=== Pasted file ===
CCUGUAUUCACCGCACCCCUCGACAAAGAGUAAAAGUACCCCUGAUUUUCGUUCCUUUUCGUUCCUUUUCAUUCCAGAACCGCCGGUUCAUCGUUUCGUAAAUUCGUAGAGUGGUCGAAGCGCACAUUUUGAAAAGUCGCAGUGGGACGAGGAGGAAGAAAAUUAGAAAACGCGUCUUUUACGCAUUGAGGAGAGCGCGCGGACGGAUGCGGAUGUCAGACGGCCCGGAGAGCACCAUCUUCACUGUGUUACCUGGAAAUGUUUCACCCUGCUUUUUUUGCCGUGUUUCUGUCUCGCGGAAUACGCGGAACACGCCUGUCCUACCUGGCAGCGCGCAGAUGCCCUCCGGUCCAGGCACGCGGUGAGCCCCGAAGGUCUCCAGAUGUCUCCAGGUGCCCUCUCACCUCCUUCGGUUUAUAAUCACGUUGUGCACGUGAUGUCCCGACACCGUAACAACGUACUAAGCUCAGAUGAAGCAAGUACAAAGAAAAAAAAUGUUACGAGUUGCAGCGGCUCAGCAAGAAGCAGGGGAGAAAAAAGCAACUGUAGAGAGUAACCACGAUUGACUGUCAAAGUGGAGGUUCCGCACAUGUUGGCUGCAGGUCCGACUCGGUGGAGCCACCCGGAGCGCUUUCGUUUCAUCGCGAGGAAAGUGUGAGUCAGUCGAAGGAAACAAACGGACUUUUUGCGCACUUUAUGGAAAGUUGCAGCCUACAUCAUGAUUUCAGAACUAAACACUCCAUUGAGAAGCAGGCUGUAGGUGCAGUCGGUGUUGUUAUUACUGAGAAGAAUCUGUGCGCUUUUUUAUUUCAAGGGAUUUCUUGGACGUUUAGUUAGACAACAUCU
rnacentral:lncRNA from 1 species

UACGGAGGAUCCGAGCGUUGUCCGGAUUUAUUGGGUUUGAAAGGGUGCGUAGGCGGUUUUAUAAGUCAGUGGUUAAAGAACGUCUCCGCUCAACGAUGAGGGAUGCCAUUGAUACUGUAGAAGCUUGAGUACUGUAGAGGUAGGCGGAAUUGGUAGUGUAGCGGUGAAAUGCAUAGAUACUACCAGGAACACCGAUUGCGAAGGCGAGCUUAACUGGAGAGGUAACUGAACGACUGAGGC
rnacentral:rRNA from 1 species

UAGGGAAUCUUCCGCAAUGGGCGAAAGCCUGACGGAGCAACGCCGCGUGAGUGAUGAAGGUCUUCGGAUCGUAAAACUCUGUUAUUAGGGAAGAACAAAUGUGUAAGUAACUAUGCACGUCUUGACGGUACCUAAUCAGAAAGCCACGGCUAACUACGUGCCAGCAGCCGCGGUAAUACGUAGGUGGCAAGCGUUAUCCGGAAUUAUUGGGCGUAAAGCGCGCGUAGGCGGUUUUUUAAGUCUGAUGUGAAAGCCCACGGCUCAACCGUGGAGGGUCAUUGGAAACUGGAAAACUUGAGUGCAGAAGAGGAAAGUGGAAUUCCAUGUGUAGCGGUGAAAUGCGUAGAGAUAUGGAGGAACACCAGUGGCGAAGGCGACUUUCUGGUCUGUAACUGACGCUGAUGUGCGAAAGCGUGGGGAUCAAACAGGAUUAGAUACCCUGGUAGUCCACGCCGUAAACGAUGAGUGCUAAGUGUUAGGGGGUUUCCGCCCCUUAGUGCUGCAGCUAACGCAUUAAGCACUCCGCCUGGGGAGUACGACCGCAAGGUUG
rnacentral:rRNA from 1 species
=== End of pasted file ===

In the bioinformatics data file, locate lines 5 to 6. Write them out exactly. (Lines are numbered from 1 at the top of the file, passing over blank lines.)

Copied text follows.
UAGGGAAUCUUCCGCAAUGGGCGAAAGCCUGACGGAGCAACGCCGCGUGAGUGAUGAAGGUCUUCGGAUCGUAAAACUCUGUUAUUAGGGAAGAACAAAUGUGUAAGUAACUAUGCACGUCUUGACGGUACCUAAUCAGAAAGCCACGGCUAACUACGUGCCAGCAGCCGCGGUAAUACGUAGGUGGCAAGCGUUAUCCGGAAUUAUUGGGCGUAAAGCGCGCGUAGGCGGUUUUUUAAGUCUGAUGUGAAAGCCCACGGCUCAACCGUGGAGGGUCAUUGGAAACUGGAAAACUUGAGUGCAGAAGAGGAAAGUGGAAUUCCAUGUGUAGCGGUGAAAUGCGUAGAGAUAUGGAGGAACACCAGUGGCGAAGGCGACUUUCUGGUCUGUAACUGACGCUGAUGUGCGAAAGCGUGGGGAUCAAACAGGAUUAGAUACCCUGGUAGUCCACGCCGUAAACGAUGAGUGCUAAGUGUUAGGGGGUUUCCGCCCCUUAGUGCUGCAGCUAACGCAUUAAGCACUCCGCCUGGGGAGUACGACCGCAAGGUUG
rnacentral:rRNA from 1 species